Sunday, March 6, 2016

I Knew Her Well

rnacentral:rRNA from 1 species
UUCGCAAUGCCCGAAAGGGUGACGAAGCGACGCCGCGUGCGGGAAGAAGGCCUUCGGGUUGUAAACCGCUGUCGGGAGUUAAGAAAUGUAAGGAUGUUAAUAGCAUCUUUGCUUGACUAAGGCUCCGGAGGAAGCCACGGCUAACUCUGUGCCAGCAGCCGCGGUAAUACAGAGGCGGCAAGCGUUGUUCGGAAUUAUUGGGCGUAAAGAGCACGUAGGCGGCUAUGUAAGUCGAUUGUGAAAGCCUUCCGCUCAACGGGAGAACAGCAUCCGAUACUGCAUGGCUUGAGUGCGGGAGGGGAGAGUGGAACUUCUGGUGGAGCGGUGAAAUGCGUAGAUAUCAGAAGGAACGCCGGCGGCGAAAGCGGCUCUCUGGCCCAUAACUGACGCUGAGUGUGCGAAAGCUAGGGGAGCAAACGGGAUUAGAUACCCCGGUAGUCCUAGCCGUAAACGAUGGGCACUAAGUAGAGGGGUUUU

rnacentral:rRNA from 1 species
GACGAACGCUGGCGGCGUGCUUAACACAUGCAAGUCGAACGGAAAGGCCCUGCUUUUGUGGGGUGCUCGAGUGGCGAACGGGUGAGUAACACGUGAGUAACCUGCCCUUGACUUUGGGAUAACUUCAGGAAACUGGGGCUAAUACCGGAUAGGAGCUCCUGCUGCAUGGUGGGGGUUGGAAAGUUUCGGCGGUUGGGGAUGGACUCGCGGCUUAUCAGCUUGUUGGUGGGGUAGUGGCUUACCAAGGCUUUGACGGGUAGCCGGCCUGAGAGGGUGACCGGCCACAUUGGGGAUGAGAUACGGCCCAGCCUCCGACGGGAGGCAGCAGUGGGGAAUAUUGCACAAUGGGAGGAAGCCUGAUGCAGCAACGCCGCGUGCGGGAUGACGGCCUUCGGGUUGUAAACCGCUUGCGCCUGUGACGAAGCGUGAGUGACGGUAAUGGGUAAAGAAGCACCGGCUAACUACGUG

I Knew Her Well (1964)is an Italian film directed by Antonio Pietrangeli.  The movie is poignant and fully realized, the story of a beautiful young woman, Adriana, who seeks her fortune as a film star in Rome.  Not exactly tragic, or, even, overtly sad, the film steers an uneasy path between biting and sarcastic satire and pathos.  The film embodies a kind of weary resignation, a tone of disillusion that never exactly decays into bitterness.  Until the final thirty seconds, Adriana weathers the various minor indignities imposed upon her cheerfully, without complaint, and without any sense that she deserves anything better.  Her suicide at the end of the movie seems unmotivated and unnecessary -- she kills herself on a whim, apparently, because she is tired.  (Of course the film is designed to show us that the meaningless, if apparently pleasantly debauched, round of parties and bar-hopping that comprises her existence has no end in sight -- in other words, the beautiful, but dimwitted, girl from the provinces will never be a star, will never be married to a rich and powerful man, and is destined to be cast off by all of her lovers when they tire of her.  In the face of this future, Adriana throws herself off the balcony of her small suburban apartment.  This falsifies everything that was attractive about the character in the preceding ninety minutes of the film.  And, furthermore, when we see the horrific rural poverty from which the girl has escaped, it seems that her fate as a stylishly dressed concubine and minor-league party-girl is a distinct improvement on the destiny otherwise prescribed for her:  we see that her aged parents are literally dying from hard-work, her adult brother is a simple-minded idiot, and her younger sister has apparently perished working as a prostitute.)